05 agosto 2017


RockBeat Records pubblica in doppio cd un concerto di Phil Ochs ben noto ai fan ma finora ufficialmente inedito, registrato - anche dall'FBI, si disse - il 22 ottobre 1966 a Montreal: Live in Montreal, 10/22/1966. "It's not enough to know the world is absurd and restrict yourself to pointing out the fact. Still I am forced to go on because I don't want the world to be left in the hands of the Hitlers, This one thing I feel is a driving force: that I get repelled by certain things - or they strike me as funny, or weird or strange, or ridiculous - and my response comes out in the form of a song." (Phil Ochs)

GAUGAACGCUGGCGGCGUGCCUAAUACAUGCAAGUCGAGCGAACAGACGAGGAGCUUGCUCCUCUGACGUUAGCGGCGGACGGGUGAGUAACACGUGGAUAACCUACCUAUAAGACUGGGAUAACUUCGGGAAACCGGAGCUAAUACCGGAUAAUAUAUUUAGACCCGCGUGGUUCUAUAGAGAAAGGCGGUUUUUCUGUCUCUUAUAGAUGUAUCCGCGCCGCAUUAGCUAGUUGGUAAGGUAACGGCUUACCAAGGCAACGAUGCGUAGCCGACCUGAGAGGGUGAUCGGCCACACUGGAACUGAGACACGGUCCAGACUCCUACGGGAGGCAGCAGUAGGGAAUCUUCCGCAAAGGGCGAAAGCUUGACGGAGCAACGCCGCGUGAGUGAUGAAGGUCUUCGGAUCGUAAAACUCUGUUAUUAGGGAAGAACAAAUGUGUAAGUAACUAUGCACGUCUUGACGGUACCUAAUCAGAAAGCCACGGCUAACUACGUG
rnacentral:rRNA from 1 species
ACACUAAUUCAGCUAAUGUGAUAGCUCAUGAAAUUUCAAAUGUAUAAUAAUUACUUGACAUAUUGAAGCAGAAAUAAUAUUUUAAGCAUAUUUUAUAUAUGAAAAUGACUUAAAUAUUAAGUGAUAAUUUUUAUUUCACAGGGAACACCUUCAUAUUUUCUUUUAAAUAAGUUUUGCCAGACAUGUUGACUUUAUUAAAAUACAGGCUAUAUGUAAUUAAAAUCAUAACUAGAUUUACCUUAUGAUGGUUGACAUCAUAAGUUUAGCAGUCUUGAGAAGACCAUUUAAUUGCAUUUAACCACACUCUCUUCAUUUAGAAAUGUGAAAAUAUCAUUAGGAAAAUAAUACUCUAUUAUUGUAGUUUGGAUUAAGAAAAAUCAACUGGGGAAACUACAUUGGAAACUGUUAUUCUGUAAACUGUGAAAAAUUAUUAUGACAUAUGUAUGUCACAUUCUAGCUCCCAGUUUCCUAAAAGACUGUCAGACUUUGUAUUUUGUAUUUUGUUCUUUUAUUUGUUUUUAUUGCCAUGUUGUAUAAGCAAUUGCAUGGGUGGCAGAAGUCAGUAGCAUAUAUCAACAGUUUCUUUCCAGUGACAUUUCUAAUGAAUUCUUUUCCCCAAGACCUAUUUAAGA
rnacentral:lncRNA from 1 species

Scrive Michael Simmons nelle note di copertina: "Repelled. Funny. Weird. Strange. Ridiculous. Hitlers. These words resonate 50 years later, especially under the current political circumstance, a sad indication of how little has changed. Few songwriters mirror the moment they lived in as definitively as Phil Ochs. He was considered a folksinger and yet he didn't rewrite Child Ballads or resurrect Delta blues. For most of his career he accompanied himself with a sole acoustic guitar, but by 1966 his lyrics became more complex, more artful and his melodies and arrangements more baroque. He'd have as much in common with Brecht and Weill as he would with Pete Seeger. The Montreal gig was smack dab between his final Elektra album and his first release for A&M Records in November '67. On the former he's still the lone troubadour, armed only with a guitar that kills fascists (to paraphrase Woody Guthrie), while on the latter he utilizes ornate orchestration and piano accompaniment ranging from classical to ragtime. In many of the renditions heard on this live set, one can hear Ochs toying with the arrangements, adjusting the tempo mid-song and applying dissonance for effect. In some instances, his ideas outrun his technical capabilities. And his voice, an instrument that could register as thin but here is full-bodied and blessed with one of the best vibratos in show biz."